Inflation at 5-month low of 6.16%, raises rate cut hope

Vegetable prices drop, but food inflation still high

Wholesale price inflation slowed to 6.16 per cent in December, marking a 1.4 per cent decline from November. The lower inflation, resulting from a sharp fall in vegetable prices, has raised the possibility of RBI keeping interest rates on hold in its monetary policy this month-end.

Food price inflation, however, was still in double digits at 13.68 per cent, against 19.93 per cent in November, wholesale price index (WPI) data released on Wednesday show.

Led by a sharp fall in inflation in vegetable prices, primary inflation came down to 10.8 per cent from near 16 per cent in November, driving down the overall inflation, which came down from 7.52 per cent in November.

With inflation likely to abate, as vegetable prices are still falling, “we do not expect RBI to raise the repo rate in its monetary policy review on January 28,” Crisil said.

Vegetable prices have been a major contributor to inflation since last July; at one point onion prices rose by a whopping 350 per cent. From July to December vegetables contributed nearly 24 per cent to overall inflation.

In December vegetable prices finally saw a correction, which resulted in year-on-year inflation in the category falling to 57.3 per cent from a high of 95.2 per cent in November, Crisil said.

The WPI data came in the wake of an easing in consumer inflation that slowed to a three-month low of 9.87 per cent last month after vegetable prices dropped nearly 19 per cent since November.

Core inflation measured by non-food manufacturing rose marginally to 2.8 per cent, still close to RBI’s comfort threshold of 3 per cent.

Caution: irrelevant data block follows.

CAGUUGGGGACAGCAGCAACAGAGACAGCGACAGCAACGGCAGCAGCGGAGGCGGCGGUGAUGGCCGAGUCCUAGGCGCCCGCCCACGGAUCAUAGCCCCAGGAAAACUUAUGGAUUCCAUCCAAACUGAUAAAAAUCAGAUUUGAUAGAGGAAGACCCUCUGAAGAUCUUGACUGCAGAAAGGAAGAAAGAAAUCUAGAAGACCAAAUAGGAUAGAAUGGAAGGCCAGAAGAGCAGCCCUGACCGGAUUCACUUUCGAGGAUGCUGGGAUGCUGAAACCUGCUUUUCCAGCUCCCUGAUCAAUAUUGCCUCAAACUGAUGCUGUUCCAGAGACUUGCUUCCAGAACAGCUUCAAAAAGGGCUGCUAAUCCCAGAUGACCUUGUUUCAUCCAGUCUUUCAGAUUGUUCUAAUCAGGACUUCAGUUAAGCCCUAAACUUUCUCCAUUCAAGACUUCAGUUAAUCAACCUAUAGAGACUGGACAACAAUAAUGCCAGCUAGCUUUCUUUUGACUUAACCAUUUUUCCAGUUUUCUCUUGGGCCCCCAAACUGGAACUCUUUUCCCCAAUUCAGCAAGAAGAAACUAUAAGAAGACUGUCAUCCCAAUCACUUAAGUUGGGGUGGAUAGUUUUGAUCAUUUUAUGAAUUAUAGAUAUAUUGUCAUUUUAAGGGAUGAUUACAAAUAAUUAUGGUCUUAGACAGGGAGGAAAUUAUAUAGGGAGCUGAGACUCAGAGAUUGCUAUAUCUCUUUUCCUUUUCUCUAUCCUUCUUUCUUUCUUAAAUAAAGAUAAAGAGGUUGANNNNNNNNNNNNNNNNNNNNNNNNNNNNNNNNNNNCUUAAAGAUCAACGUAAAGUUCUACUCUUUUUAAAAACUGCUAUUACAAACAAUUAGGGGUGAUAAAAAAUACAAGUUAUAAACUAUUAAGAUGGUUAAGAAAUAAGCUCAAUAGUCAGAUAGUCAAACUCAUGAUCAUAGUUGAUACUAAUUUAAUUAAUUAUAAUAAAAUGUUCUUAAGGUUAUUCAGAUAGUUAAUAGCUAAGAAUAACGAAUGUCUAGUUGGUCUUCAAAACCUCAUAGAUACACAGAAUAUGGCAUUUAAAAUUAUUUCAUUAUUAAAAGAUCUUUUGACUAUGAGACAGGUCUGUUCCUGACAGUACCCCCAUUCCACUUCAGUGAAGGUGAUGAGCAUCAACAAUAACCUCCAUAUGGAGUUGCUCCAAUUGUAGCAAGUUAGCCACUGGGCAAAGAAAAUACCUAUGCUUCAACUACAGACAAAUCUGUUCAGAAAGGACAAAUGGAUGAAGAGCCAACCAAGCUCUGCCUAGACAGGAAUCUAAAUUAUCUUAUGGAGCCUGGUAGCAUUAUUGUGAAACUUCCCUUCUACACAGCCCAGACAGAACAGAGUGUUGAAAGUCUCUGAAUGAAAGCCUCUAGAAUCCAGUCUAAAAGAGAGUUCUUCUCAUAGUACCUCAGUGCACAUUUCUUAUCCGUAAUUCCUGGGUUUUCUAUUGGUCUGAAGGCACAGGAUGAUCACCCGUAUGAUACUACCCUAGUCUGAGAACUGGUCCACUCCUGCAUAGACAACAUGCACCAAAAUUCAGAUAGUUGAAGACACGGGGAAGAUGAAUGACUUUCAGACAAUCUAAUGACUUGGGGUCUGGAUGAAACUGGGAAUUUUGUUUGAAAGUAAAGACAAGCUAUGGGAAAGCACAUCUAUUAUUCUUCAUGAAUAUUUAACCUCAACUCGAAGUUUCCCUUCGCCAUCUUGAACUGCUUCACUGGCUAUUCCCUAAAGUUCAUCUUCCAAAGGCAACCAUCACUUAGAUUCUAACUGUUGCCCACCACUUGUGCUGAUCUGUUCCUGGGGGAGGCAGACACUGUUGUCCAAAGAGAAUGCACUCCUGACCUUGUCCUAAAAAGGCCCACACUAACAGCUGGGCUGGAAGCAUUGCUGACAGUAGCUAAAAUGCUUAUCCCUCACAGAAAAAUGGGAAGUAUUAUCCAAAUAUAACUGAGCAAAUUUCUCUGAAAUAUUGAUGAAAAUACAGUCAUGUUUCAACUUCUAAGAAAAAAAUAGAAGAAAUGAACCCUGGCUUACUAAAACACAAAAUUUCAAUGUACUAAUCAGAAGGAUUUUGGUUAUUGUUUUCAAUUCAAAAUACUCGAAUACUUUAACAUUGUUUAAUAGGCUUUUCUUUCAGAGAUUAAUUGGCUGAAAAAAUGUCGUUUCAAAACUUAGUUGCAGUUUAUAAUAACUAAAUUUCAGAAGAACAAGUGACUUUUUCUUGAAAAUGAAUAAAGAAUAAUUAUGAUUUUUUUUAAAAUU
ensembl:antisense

After raising policy rate twice since September, RBI left it steady last month as it feared aggressive rate hikes could damage a weak economy. A surprise contraction in industrial production in November and a slowdown in merchandise exports growth in December justified RBI’s concerns.

“Vegetables as a class were costlier by 57.33 per cent, although the pace of increase in onion prices eased to 39.56 per cent from 190.34 per cent in November,” said Angel Broking economist Bhupali Gursale.

CII said the good news was that food prices were trending down. Good harvest should further help contain food prices. Besides, manufacturing prices are reasonably stable. This should prompt RBI to cut policy rates to rejuvenate growth, CII said.

CII calls for critical distribution reforms in agriculture and taking perishables out of APMC to improve the supply chain logistics and price discovery.

Icra senior economist Aditi Nayar said the continuing correction in vegetable prices in January and brisk sowing of rabi crops suggested that food inflation would moderate further soon. However, cereals and non-vegetarian protein items continued to display double-digit inflation, imparting some stickiness to food inflation, she said.

Food inflation is largely determined by supply side factors and “we hope the government pursues policies to address the shortage,” Ficci president Sidharth Birla.

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